Oh no apology necessary. Appreciate the links. Thanks! I really like the look of the plants growing up through the driftwood branches surrounded by rocks. Very neat looking. I actually was going to go with "branches" on 2 corners, diagonal from each other the length of the tank and do just what I see in the links you shared. Then I found this awesome piece of wood and went with it instead. I tell ya though, it has made it difficult to scape because the tank is only 39" long. If only I had all 48" of it to work with.

I will toy around with the rock barrier tomorrow and see if I can get a "natural look" that I am happy with.
 

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How tall is the tank which the Rotala is in now ?
I asked becase it gets more ed the closer to the top it is.
I had some Indica and it was just green till it made it completely to the top. Then the tips turned pink.
It does like higher light, but it will have that after a couple of the stems reach the top or close to it. Just might not get that wild red
seen on those in tanks/w high light/injected CO2.
I just got a few stems of it that someone gave me which are very badly
taken care of. Just a couple of leaves at the top of each stem.
But after 4 days in there the very top leaves look good now.
Don't actually expect these to get red till they are in good enough shape from the tops growing up for the stems to start a new sprout and that new sprout gets up to the top. Then I can cut off the original stem.
These are in a 10G/w one T8 bulb. But after they reach the top that bulb will be like 1.5 inches away from it if that.
Someone on here is selling mini Pellia right now.
 

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Discussion Starter · #15 ·
How tall is the tank which the Rotala is in now ?
I asked becase it gets more ed the closer to the top it is.
I had some Indica and it was just green till it made it completely to the top. Then the tips turned pink.
It does like higher light, but it will have that after a couple of the stems reach the top or close to it. Just might not get that wild red
seen on those in tanks/w high light/injected CO2.
I just got a few stems of it that someone gave me which are very badly
taken care of. Just a couple of leaves at the top of each stem.
But after 4 days in there the very top leaves look good now.
Don't actually expect these to get red till they are in good enough shape from the tops growing up for the stems to start a new sprout and that new sprout gets up to the top. Then I can cut off the original stem.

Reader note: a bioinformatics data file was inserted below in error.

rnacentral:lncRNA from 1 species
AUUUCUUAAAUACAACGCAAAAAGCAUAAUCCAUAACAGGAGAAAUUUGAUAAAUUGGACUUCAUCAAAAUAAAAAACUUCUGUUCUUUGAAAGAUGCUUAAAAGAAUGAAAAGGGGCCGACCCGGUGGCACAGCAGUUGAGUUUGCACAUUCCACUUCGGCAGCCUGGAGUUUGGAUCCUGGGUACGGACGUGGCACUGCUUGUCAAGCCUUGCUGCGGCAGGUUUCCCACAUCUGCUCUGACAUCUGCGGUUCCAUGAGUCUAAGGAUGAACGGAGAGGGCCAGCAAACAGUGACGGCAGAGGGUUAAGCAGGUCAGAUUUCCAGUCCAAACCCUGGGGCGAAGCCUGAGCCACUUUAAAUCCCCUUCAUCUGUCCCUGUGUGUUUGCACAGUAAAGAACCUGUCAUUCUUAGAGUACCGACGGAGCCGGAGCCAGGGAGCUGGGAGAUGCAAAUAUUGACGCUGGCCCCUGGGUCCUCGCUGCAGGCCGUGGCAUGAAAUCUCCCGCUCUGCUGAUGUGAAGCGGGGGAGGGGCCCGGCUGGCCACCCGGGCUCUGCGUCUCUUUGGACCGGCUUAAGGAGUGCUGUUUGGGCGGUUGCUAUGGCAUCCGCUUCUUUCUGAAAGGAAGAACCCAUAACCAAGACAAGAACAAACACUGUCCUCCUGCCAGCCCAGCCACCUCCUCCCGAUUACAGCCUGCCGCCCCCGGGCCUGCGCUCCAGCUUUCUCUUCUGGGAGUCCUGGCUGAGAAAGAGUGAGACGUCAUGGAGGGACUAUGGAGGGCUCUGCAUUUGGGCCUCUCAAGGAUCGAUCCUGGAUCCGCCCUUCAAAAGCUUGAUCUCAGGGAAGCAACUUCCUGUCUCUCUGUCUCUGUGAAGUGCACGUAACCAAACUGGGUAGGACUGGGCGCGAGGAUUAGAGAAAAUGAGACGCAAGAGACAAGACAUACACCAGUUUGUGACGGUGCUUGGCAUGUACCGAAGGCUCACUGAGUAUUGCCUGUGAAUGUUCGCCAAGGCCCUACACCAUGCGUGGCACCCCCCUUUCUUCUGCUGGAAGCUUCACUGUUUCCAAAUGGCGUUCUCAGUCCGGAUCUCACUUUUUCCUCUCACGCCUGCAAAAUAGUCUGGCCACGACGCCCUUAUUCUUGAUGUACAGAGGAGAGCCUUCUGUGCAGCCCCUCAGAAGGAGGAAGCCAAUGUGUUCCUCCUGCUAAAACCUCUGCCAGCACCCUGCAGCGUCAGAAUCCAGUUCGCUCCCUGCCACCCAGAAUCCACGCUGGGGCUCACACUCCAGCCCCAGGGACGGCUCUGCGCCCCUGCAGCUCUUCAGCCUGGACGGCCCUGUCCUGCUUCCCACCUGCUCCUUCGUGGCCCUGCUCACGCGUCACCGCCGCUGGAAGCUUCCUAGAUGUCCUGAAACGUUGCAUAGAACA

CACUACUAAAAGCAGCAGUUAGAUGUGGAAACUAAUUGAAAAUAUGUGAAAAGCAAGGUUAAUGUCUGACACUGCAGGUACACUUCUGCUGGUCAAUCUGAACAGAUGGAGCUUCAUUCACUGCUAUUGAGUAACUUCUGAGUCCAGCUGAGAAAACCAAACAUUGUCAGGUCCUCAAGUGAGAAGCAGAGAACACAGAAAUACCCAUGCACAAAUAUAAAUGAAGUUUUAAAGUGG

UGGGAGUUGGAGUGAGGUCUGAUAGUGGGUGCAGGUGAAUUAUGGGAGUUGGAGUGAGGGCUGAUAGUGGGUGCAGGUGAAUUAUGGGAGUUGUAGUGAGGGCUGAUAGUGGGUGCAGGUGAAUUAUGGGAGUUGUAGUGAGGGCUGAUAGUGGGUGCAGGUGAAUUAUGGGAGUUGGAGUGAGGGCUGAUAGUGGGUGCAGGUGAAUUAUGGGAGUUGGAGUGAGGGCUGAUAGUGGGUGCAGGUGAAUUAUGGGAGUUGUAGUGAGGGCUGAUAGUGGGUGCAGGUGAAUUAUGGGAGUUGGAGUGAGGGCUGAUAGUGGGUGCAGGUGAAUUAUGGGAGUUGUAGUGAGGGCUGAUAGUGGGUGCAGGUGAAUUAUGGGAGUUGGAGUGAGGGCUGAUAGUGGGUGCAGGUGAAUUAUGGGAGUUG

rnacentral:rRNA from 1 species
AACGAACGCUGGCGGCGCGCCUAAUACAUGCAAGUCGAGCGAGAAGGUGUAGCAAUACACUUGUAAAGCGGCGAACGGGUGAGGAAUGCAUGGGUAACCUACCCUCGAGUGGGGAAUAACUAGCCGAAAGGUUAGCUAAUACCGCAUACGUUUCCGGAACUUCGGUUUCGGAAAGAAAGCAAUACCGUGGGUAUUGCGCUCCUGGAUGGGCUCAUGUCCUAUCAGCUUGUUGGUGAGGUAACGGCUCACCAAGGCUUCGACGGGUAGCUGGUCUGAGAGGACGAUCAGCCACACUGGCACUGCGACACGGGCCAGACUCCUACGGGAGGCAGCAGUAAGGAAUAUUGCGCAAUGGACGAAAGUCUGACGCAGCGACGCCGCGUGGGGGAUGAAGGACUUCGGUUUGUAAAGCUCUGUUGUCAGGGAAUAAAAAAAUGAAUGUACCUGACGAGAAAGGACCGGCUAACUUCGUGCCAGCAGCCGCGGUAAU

These are in a 10G/w one T8 bulb. But after they reach the top that bulb will be like 1.5 inches away from it if that.
Someone on here is selling mini Pellia right now.
Both of my tanks are 24" tall. My Lugwigia has pink to red leaves in that tank, so perhaps I have high enough lighting to keep the Rotala in some color. The tank has 5 strips of LED's. The 89 gallon (the tank in this thread) has two T12 bulbs. Not much light. I will be changing them out for something else eventually. Not sure what lighting I will end up using for the tank yet.
Thank you ;)
 

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Discussion Starter · #18 ·
So, I am not finished with this setup yet, but added some pictures to show where it stands right now. I've had a 20 gallon running for awhile with only Anubias attached to driftwood and nothing else in the tank. Took all of them out and added them to this tank.
Will be spreading the rocks out more. The plants will be moved around several times before I make a decision, I am sure. Thought I'd give them a shot since I already have them, before buying more plants.
The fish are loving all the new wood and plants. Especially the Zebra Loaches. Having a ball swimming all in and around the new stuff ;) Too cute.

The Golden Wonder Killifish bred yesterday and today. The Angels have been cleaning a spot quite meticulously, so i imagine they too will be breeding here soon. Glad my fish approve of their home. :hihi:

Still have the HOB at the front end of the tank. It will be removed, so that eye sore will not be an issue after another couple weeks or so. Everything is still running excellent so I will be turning the HOB off soon just to be sure the tank doesn't need it anymore. The flow is a bit turbulent at the top, but meanders from the driftwood breaking it. Keeps the flow "off" the Angels.